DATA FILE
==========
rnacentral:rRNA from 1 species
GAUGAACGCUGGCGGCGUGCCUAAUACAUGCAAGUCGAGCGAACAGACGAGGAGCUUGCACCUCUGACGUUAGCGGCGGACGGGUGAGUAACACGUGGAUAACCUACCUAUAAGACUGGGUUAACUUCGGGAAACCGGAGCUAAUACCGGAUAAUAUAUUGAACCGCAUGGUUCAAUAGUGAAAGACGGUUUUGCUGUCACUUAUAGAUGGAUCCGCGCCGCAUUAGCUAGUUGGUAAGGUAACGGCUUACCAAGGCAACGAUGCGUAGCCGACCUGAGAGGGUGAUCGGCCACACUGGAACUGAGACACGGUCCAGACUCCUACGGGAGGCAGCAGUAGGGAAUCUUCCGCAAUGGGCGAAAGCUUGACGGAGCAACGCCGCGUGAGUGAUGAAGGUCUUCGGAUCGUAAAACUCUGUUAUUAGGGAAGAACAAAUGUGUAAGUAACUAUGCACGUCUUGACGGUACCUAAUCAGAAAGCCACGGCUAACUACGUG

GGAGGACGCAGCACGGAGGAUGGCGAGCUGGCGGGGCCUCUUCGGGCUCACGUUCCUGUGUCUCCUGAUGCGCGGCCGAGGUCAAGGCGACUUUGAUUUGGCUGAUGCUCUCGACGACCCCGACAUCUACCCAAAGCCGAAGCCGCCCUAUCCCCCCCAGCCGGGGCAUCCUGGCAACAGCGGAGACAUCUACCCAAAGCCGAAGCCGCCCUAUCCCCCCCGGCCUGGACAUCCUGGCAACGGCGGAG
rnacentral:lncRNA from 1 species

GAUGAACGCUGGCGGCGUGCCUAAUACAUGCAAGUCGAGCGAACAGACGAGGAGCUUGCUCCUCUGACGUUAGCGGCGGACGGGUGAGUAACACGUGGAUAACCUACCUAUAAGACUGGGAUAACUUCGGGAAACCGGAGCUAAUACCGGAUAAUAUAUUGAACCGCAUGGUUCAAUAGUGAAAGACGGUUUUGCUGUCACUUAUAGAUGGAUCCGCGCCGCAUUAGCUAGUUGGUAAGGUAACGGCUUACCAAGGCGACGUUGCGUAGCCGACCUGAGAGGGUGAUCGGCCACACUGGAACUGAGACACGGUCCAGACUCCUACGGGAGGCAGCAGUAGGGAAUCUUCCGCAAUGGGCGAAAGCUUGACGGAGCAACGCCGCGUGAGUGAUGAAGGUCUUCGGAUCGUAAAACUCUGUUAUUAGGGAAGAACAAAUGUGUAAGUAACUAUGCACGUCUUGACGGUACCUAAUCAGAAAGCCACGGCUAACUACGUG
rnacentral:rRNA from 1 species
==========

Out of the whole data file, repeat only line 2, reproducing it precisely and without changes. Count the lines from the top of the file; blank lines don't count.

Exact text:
GAUGAACGCUGGCGGCGUGCCUAAUACAUGCAAGUCGAGCGAACAGACGAGGAGCUUGCACCUCUGACGUUAGCGGCGGACGGGUGAGUAACACGUGGAUAACCUACCUAUAAGACUGGGUUAACUUCGGGAAACCGGAGCUAAUACCGGAUAAUAUAUUGAACCGCAUGGUUCAAUAGUGAAAGACGGUUUUGCUGUCACUUAUAGAUGGAUCCGCGCCGCAUUAGCUAGUUGGUAAGGUAACGGCUUACCAAGGCAACGAUGCGUAGCCGACCUGAGAGGGUGAUCGGCCACACUGGAACUGAGACACGGUCCAGACUCCUACGGGAGGCAGCAGUAGGGAAUCUUCCGCAAUGGGCGAAAGCUUGACGGAGCAACGCCGCGUGAGUGAUGAAGGUCUUCGGAUCGUAAAACUCUGUUAUUAGGGAAGAACAAAUGUGUAAGUAACUAUGCACGUCUUGACGGUACCUAAUCAGAAAGCCACGGCUAACUACGUG